ISLAMABAD: The opposition-dominated Senate rejected on Friday a bill seeking to convert Pakistan International Airlines Corporation into a public limited company.
The bill, already passed by the National Assembly, will now be taken to a joint sitting of the two houses of parliament where the numerical strength of the ruling PML-N will make it possible for the government to get it easily adopted. The joint sitting is expected to be held on March 10.
Minister for Science and Technology Zahid Hamid sought to move the bill, titled Pakistan International Airlines Corporation (Conversion) Bill, 2015, but after an objection raised by Leader of Opposition Aitzaz Ahsan the house scuttled the move through the voice vote.
The issue of enforced disappearances was again raised in the house by Senator Farhatullah Babar of the PPP who was speaking on a calling-attention notice to discuss the European Commission’s report on the human rights situation in the country.
“The situation of missing persons will get worse if we continue to deny the need for introducing a measure of transparency, oversight and accountability in the working of the nation’s security agencies.”
He said parliament was not unmindful of the issue, indeed it had done its job and there was a 2013 report of the Human Rights Committee along with draft legislation that was unanimously adopted by the Senate.
He urged the government to at least come up with its observations and objections, if any, to the recommendations and a draft legislation for a dialogue and discussion to address the issue of missing persons, to begin with.
Mr Babar called upon the government to submit its report to the Senate’s bipartisan oversight committee within a month.
If the committee is satisfied with the report it will share the progress with the house, otherwise it will recommend that the bill may be moved as a private member’s bill by leaders of all parliamentary parties.
Mr Babar urged the minister in charge to inform the house about the government’s position on the issue.
According to him, another step forward in addressing the issue is to review the progress made in the implementation of the Actions in Aid of Civil Power Regulation in tribal areas. The 2011 regulation was given retrospective effect from February 2008 to enable security agencies to present in courts matters relating to people who had already been in their custody for the past four years but had not been produced before any court of law. He asked the minister to inform the house about the number of people who were in the custody of security agencies since 2008 and surfaced in 2011 together with their present status — under trial, convicted or in detention.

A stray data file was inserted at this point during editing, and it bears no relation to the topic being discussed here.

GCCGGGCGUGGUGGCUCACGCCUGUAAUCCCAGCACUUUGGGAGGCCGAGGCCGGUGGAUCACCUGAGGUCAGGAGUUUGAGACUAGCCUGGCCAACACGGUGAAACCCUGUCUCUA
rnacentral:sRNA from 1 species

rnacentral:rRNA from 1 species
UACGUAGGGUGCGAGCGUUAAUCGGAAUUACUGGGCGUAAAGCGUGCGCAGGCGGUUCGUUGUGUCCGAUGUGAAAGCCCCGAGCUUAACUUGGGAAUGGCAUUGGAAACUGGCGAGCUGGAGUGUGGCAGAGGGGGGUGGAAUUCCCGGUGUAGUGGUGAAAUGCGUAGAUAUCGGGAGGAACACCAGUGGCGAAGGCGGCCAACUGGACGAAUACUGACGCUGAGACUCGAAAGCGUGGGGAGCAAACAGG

“This information should not be secret and no-one should feel scared as the regulation provides for indemnity but it will help throw light on the issue of missing persons and illumine the path of addressing it earnestly,” he said. He urged the minister to come out clean on it.
Mr Babar said the European Commission’s report had highlighted the issue of torture in custody. Pakistan had signed and ratified the Convention Against Torture and it was obligatory to enact a legislation to prevent torture and degrading punishments.
He said that in March last year the Senate had unanimously passed the anti-torture bill which had been sent to the joint session of the Parliament as the National Assembly could not pass it in the mandatory period of 90 days.
He asked the government to immediately convene a joint session of the parliament to consider the bills against torture, honour killing and other issues referred to it under the Constitution.
The Senate unanimously adopted a resolution moved by Mr Babar calling upon the government to release funds for payment of salary of employees of Federal Lodges. It also asked for release of funds on a priority basis for the refurbishment and rehabilitation of the Federal Lodges.
The resolution came in the wake of discussion in the Senate on Wednesday on a call-attention notice in which the minister had candidly admitted the hardships caused to the employees due to irregular payments and the dilapidated condition of the Federal Lodges.
Opposition members walked out of the house when Minister for Petroleum and Natural Resources Shahid Khaqan Abbasi said that no province was self-reliant in gas.
Aijaz Dhamra of PPP rejected the minister’s claim, saying that Sindh was producing 72 per cent of gas while it consumed 26 per cent. “How Sindh is not self-reliant in gas,” he remarked before staging a walkout from the house which was also joined by other opposition members.
Published in Dawn, March 5th, 2016